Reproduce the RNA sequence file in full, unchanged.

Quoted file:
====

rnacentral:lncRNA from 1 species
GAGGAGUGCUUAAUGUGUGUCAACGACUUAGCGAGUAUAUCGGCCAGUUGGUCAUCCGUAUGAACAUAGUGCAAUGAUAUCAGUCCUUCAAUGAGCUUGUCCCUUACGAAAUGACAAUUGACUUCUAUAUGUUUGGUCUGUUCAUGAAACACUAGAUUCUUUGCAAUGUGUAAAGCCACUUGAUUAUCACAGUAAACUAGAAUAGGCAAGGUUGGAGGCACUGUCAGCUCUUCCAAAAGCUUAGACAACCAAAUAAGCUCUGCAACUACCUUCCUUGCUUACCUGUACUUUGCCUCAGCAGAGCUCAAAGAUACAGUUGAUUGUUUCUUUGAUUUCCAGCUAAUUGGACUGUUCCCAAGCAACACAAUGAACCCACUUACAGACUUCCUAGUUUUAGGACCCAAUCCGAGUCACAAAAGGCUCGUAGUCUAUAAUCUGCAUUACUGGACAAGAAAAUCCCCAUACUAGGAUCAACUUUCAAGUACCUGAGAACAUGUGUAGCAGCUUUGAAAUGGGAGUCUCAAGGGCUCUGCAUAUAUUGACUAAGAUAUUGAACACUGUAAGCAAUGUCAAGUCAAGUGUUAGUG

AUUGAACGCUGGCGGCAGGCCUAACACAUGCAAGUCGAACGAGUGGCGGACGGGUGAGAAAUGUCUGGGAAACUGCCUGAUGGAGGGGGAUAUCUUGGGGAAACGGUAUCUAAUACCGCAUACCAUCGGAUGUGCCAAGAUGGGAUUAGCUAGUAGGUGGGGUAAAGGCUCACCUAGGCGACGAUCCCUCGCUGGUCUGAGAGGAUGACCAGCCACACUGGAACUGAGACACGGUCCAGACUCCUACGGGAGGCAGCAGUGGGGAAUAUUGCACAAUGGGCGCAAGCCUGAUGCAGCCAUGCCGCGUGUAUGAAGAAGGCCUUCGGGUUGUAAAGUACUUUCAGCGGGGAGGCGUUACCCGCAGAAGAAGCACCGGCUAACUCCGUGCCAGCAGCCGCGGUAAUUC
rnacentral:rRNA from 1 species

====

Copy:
rnacentral:lncRNA from 1 species
GAGGAGUGCUUAAUGUGUGUCAACGACUUAGCGAGUAUAUCGGCCAGUUGGUCAUCCGUAUGAACAUAGUGCAAUGAUAUCAGUCCUUCAAUGAGCUUGUCCCUUACGAAAUGACAAUUGACUUCUAUAUGUUUGGUCUGUUCAUGAAACACUAGAUUCUUUGCAAUGUGUAAAGCCACUUGAUUAUCACAGUAAACUAGAAUAGGCAAGGUUGGAGGCACUGUCAGCUCUUCCAAAAGCUUAGACAACCAAAUAAGCUCUGCAACUACCUUCCUUGCUUACCUGUACUUUGCCUCAGCAGAGCUCAAAGAUACAGUUGAUUGUUUCUUUGAUUUCCAGCUAAUUGGACUGUUCCCAAGCAACACAAUGAACCCACUUACAGACUUCCUAGUUUUAGGACCCAAUCCGAGUCACAAAAGGCUCGUAGUCUAUAAUCUGCAUUACUGGACAAGAAAAUCCCCAUACUAGGAUCAACUUUCAAGUACCUGAGAACAUGUGUAGCAGCUUUGAAAUGGGAGUCUCAAGGGCUCUGCAUAUAUUGACUAAGAUAUUGAACACUGUAAGCAAUGUCAAGUCAAGUGUUAGUG

AUUGAACGCUGGCGGCAGGCCUAACACAUGCAAGUCGAACGAGUGGCGGACGGGUGAGAAAUGUCUGGGAAACUGCCUGAUGGAGGGGGAUAUCUUGGGGAAACGGUAUCUAAUACCGCAUACCAUCGGAUGUGCCAAGAUGGGAUUAGCUAGUAGGUGGGGUAAAGGCUCACCUAGGCGACGAUCCCUCGCUGGUCUGAGAGGAUGACCAGCCACACUGGAACUGAGACACGGUCCAGACUCCUACGGGAGGCAGCAGUGGGGAAUAUUGCACAAUGGGCGCAAGCCUGAUGCAGCCAUGCCGCGUGUAUGAAGAAGGCCUUCGGGUUGUAAAGUACUUUCAGCGGGGAGGCGUUACCCGCAGAAGAAGCACCGGCUAACUCCGUGCCAGCAGCCGCGGUAAUUC
rnacentral:rRNA from 1 species